Bahrain GDP ‘to grow five per cent this year’

MANAMA: Bahrain’s gross domestic product (GDP) is expected to grow more than five per cent this year, the Bahrain Economic Development Board chief economist has affirmed.

Talking to the GDN on the sidelines of the WIFFMC 2013 yesterday, Dr Jarmo Kotilaine said the oil sector normalisation is likely to be the key growth driver this year.

“Growth rebounded clearly last year, led by a strong non-oil sector. It was held back by technical disruptions in the oil sector.

“Output from the Abu Safa oilfield, which Bahrain shares with Saudi Arabia, was below normal for most of last year because of technical problems, hurting growth.

“But the problems were fixed in November and this will boost economic growth this year, along with higher output from an onshore Bahraini oilfield, he said.

According to him, bank lending in the kingdom too has been increasing at a comfortable pace and bankss remain highly liquid.

The activity in the Gulf economies is holding up well, buoyed by fiscal stimulus, he said.

The Gulf economies are expected to outperform the rest of the region, he added.

Dr Kotilaine sees regional government spending staying strong through the year.

“Growth is becoming less reliant on the oil sector and potentially government spending as well.

On the larger Middle East and North Africa (Mena) region, citing data, he said Mena countries grew at 4.8pc from 2001 to 2012, compared with only 2.4pc in Organisation for Economic Co-operation and Development economies.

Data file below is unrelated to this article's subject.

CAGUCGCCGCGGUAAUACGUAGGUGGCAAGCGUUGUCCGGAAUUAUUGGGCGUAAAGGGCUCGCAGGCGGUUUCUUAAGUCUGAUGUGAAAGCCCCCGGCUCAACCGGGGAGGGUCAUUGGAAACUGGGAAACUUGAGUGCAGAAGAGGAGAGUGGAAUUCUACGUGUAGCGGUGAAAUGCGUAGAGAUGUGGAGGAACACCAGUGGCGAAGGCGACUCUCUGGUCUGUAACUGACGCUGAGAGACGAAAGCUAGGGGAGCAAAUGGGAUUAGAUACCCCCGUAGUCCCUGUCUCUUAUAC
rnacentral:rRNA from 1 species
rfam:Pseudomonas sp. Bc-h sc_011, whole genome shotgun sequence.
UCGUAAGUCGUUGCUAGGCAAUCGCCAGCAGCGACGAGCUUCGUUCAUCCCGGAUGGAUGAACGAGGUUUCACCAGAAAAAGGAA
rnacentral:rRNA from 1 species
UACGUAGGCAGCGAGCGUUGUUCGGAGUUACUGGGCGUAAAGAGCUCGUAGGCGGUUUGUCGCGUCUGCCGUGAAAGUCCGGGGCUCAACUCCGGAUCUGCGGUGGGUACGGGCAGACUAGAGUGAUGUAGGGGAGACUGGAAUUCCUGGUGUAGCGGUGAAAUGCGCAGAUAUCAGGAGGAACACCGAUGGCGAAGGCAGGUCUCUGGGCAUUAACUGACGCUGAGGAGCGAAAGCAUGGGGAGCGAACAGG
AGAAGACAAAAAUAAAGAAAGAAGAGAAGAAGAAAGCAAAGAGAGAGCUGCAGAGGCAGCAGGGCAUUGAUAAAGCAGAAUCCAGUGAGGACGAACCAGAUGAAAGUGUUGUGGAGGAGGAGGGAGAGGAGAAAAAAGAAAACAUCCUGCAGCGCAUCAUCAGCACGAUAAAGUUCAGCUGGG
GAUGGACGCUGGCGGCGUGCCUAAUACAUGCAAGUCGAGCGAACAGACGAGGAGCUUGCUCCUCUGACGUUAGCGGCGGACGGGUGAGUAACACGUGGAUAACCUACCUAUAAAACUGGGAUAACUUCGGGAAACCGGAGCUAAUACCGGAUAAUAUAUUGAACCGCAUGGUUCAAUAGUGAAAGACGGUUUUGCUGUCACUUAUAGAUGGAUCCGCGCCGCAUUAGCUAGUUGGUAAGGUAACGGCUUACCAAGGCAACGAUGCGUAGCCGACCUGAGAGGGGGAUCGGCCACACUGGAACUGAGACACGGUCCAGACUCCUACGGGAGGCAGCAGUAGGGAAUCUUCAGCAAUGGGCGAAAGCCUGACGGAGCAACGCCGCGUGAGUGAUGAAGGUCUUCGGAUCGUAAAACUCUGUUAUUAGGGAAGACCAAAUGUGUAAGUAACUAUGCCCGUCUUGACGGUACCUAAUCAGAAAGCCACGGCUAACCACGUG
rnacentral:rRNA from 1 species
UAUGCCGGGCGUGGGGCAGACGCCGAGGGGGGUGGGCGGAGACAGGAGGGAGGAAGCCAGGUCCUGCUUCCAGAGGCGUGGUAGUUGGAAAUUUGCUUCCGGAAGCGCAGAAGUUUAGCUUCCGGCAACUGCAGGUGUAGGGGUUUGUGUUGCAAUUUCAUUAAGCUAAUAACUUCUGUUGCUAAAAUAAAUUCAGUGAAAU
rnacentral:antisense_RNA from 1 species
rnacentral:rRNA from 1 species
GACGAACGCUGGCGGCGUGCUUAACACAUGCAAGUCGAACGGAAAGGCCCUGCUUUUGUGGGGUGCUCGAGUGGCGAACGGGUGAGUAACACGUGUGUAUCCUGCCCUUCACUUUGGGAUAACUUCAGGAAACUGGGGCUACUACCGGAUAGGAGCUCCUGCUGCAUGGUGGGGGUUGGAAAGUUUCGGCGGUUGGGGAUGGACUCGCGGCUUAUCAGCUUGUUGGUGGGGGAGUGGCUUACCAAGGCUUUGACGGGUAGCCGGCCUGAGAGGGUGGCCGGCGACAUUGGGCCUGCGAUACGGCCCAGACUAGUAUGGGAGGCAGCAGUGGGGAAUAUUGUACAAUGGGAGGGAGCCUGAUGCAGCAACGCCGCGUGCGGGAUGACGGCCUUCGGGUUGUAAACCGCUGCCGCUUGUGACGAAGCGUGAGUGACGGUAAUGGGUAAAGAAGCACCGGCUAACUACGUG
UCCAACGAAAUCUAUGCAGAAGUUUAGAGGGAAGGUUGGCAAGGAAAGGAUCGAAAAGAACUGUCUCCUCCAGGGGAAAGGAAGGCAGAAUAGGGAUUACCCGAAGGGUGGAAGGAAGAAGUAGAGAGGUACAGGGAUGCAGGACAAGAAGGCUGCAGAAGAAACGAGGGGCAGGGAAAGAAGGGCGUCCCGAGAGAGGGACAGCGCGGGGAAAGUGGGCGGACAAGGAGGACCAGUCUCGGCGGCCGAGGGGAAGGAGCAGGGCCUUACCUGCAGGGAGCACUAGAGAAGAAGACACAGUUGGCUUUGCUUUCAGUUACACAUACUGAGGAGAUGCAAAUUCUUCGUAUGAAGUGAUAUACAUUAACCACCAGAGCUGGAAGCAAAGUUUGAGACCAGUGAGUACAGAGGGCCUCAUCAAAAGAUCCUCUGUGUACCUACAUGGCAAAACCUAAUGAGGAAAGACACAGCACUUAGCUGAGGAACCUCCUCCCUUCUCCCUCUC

“By removing trade barriers and refocusing on the regional market, there is a large potential to boost trade and create investment opportunities,” he added.

“The Mena region, with a population of around 400 million, has a high population growth of 2pc compared with global growth rate of 1.1pc.

“Today, with half of its population under age 25, Mena has the second youngest population among world regions, after sub-Saharan Africa.

“The urban population is rising rapidly and by 2050 more than 75pc of the population will be living in an urban setting compared with 35pc in 1960,” he said citing World Bank projections.

“The high rate of urbanisation will drive a high demand for provision of adequate infrastructure, health, education and other services such as finance and telecommunications and others,” he said.

In his global economic outlook, Dr Kotilaine said he saw moderate expansion with persistent divergence between mature and emerging economies.

“Global oil demand and supply will continue to grow with a generally tight balance,” he added.

By AVINASH SAXENA, May 28, 2013